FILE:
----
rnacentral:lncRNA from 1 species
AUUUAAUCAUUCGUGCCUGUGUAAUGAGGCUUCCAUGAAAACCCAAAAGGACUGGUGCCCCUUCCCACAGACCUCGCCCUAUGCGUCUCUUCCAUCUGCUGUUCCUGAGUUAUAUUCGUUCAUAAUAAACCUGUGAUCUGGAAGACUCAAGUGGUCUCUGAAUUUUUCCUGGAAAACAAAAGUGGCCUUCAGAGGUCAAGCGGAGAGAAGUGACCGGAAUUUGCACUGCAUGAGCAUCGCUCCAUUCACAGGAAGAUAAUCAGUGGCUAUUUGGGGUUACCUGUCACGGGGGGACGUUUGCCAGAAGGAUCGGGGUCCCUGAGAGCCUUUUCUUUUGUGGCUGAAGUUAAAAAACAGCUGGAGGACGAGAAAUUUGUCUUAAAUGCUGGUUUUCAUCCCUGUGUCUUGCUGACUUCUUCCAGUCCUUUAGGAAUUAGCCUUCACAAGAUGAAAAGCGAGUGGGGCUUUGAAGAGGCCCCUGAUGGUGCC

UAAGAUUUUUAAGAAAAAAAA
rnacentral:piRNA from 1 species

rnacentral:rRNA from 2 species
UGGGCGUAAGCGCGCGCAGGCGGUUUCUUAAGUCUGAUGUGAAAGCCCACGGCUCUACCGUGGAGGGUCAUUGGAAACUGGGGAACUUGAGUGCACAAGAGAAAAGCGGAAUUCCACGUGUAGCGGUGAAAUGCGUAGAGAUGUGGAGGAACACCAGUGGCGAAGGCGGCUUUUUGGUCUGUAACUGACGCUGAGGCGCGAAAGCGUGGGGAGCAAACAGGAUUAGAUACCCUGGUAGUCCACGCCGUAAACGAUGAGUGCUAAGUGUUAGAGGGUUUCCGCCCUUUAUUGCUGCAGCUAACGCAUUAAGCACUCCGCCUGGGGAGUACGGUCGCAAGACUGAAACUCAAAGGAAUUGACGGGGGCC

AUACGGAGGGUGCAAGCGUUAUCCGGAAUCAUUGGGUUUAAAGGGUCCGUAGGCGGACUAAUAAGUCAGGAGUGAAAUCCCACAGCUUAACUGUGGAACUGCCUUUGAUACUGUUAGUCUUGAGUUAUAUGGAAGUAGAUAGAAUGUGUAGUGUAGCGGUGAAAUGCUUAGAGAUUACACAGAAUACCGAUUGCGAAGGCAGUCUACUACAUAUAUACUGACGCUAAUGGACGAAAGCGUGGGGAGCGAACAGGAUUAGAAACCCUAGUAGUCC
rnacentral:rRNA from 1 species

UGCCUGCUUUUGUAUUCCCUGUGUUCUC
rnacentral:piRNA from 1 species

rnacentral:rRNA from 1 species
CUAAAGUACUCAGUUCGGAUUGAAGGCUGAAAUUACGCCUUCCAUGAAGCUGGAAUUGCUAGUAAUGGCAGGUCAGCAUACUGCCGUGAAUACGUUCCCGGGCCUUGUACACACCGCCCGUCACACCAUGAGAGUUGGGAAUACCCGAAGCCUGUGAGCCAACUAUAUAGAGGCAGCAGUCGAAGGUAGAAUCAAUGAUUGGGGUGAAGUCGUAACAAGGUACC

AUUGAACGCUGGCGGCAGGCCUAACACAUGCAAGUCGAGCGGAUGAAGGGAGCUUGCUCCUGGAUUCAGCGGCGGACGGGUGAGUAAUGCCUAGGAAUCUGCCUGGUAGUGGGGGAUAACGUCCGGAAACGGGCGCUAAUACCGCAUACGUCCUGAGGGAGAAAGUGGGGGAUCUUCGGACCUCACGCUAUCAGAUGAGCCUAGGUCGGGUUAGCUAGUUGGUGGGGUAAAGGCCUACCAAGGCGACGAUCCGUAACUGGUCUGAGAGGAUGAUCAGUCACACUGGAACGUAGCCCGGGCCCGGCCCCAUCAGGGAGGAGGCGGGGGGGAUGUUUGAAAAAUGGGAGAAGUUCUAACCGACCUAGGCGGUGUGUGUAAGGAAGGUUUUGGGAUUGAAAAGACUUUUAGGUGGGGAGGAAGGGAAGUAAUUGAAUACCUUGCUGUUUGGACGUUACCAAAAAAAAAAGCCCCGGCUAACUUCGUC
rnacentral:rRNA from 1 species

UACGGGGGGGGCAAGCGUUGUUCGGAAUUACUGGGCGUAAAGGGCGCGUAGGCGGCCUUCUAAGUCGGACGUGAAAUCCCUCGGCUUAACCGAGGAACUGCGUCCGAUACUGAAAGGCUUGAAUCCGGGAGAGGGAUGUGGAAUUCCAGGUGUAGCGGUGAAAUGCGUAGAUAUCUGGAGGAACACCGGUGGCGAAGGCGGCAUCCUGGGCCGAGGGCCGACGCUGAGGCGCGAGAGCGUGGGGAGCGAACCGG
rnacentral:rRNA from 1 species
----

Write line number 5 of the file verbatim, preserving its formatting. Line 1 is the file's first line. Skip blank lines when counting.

rnacentral:rRNA from 2 species